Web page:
The Marathas have four units of light cavalry outside the fortress to harass the British and make them keep some flank security….
Three units of arab mercenary troops were inside the city – including this one just behind the gate.
Major Dodd’s cobras are here on the wall – in the purple trousers. The Sharpe novel inspired a special rule – once a British/Sepoy unit enters the fortress, Dodd and his Cobras have to escape the table – typically by the gate on the opposite side of the Pettah.
The fortress garrison did a nice job of backstopping units on the wall which were taking casualties. As soon as a British unit would break one of their units and ascend to the walls, this second line would work hard to inflict casualties and attempt to push them back.
This game swung back and forth on the wall – but eventually the British got in but had insufficient forces left to clear the city. The game has gone 1-1 each way now. Lots of fun.
A short post on this set of local rules from Tony Guido. Tony has run games using these for years at Winter War and my son has played them a couple of times.
I finally Sked Tony about his rules and he shared that they have been in development since the early 80’s. It turned out he had copies so I snapped up a copy. I may do a review later, but wanted to share that their operational scale really appeals on the tabletop.
I have a smaller 10mm Eastern Front collection which I snapped up at a Little Wars flea market. I suspect, knowing I didn’t need it, that seeing Tony’s tables probably caused me to buy them.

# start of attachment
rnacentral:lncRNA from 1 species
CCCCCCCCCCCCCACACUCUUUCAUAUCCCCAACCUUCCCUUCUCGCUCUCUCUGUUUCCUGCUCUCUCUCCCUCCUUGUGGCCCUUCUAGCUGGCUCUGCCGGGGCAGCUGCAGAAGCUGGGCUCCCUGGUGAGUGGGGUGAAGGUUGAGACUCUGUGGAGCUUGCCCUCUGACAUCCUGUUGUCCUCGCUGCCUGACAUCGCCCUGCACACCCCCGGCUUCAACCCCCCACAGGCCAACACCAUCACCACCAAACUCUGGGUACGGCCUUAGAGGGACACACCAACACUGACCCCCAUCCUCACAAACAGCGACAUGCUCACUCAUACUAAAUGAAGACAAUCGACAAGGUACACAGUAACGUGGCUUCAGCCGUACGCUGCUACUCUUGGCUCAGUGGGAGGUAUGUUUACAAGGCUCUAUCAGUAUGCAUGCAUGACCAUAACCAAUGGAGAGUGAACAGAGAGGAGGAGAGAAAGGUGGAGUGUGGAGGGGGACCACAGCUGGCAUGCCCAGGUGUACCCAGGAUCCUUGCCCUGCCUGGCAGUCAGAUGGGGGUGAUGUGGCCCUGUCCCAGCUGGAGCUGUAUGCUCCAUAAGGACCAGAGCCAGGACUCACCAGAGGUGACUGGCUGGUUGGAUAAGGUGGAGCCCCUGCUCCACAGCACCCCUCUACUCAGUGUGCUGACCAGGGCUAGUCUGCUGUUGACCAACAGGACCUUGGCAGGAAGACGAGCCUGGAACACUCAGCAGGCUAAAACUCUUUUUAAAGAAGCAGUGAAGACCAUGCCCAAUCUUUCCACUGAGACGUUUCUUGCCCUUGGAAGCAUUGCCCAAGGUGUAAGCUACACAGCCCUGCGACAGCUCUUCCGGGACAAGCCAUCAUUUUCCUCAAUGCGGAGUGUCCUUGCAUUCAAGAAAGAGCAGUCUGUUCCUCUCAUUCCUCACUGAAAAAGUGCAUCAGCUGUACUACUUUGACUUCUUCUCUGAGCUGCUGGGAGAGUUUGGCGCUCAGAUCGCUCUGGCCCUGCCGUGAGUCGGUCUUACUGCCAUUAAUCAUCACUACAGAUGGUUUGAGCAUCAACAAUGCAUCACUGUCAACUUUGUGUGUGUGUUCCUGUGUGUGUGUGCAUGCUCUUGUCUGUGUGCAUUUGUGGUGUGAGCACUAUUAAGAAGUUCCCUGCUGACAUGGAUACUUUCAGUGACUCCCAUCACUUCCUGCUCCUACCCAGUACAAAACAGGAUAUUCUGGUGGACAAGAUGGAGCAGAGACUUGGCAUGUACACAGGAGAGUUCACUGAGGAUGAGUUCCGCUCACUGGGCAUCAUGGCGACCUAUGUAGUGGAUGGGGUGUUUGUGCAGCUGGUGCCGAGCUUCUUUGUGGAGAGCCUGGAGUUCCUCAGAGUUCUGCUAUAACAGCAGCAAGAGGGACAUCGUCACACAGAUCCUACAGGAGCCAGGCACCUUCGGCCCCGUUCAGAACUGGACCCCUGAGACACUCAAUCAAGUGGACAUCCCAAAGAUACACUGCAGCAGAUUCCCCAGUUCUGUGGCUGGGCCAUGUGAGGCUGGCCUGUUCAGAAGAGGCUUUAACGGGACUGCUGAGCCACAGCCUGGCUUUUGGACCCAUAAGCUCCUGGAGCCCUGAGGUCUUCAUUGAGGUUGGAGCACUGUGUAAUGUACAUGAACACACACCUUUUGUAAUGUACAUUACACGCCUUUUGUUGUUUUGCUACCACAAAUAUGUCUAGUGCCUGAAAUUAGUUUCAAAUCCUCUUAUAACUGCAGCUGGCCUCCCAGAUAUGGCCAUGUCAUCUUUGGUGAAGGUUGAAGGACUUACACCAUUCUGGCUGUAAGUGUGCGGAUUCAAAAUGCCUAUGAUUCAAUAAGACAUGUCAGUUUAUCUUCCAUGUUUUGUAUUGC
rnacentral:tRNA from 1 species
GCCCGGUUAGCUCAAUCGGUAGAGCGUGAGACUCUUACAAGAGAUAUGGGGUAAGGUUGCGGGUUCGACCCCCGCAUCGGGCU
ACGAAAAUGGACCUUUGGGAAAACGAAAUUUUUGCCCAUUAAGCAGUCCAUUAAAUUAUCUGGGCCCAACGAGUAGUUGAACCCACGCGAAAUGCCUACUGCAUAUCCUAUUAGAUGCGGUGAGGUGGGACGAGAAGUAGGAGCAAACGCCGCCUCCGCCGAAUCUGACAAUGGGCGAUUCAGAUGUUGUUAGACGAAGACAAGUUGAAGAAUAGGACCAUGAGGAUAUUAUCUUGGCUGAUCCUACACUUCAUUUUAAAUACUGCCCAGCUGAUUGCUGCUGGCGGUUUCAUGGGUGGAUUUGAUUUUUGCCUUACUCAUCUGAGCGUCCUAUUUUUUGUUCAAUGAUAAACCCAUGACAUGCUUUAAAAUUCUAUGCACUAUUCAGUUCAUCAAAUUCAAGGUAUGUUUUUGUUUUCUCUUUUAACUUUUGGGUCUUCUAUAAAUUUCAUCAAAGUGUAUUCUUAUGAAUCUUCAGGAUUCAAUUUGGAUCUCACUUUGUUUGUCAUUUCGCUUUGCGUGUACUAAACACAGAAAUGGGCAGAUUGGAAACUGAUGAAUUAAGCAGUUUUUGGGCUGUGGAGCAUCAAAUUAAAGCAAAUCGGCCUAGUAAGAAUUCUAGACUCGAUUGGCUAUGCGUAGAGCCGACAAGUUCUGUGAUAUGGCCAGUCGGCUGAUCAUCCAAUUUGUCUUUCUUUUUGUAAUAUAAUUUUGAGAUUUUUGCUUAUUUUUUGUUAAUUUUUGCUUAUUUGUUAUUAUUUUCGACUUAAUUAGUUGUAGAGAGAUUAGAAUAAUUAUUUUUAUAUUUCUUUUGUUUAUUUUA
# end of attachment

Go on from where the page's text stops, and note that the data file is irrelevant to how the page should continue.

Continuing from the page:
Winter War 2019 was another nice chance to head close to home and meet up with many old friends while running a couple of games.
First up this year was a new game using old soldiers – my 25mm Italo-Ethiopian collection. The armies have been coming together for a number of years, but two years ago, in an effort to get ready for Cincycon, I painted another 150 Bicorne Miniatures Abyssinian tribesmen. They have about a dozen poses, and the overall painting/ effect ratio is very favorable. I haven’t painted a new 25/28mm colonial army in a very long time because I usually resort to my vast 15mm collection for large battles. Sadly, I’ve even done this Italian army in 15mm – see my Agordat blog for Italians vs Dervish forces at the city of the same name.
This game owes its origins to Last Stand Dan and his blog – with an excellent scenario – Get to the Boats… The idea is a force of regular troops and askari have put in at al local city on the river to collect up the governor and get him aboard. At the same time, the warlords are sending their bands into the streets to stop the Italians.
A shot from the dock by the city gate.
Askari and Bersaglieri prepare to enter the cauldron
Here too, another command – this time the Italians are regular infantrymen
Once the Italians could get back to the gate, the cover fire from the gunboat would assure survival
The governor’s force, the professor, and the flag are just to the left of the sandbags
The game again featured Professor Johnstone, here on-loan to the Italian government on a secret survey. His survival was one of three VP’s for the Italians – they had to get at least two out of the city.
This excellent market arrived only the week before the game – from Smallworldgames on Ebay – brilliant service/ quality/ value.
More than 2/3 of the Italian rescuers would spend more than half the game mired here in the gate area before extending a bit toward the governor’s force coming down past the market.
An ebay auction a couple of weeks ago revealed a series of fairly aged 15mm painted armies in various states, sorting through them I saw a french colonial force which had a number of the rarer Frontier figures – tirallieurs Tonkinese and Annamites.
There were also the french marines and sailor units as well. The paintjobs are of a wargames quality, but once touched up and rebased, they should help compose another eight or nine 12-figure units.
I’m also peeling off a few units to give to Eric B. for his similar Boxer Rebellion project.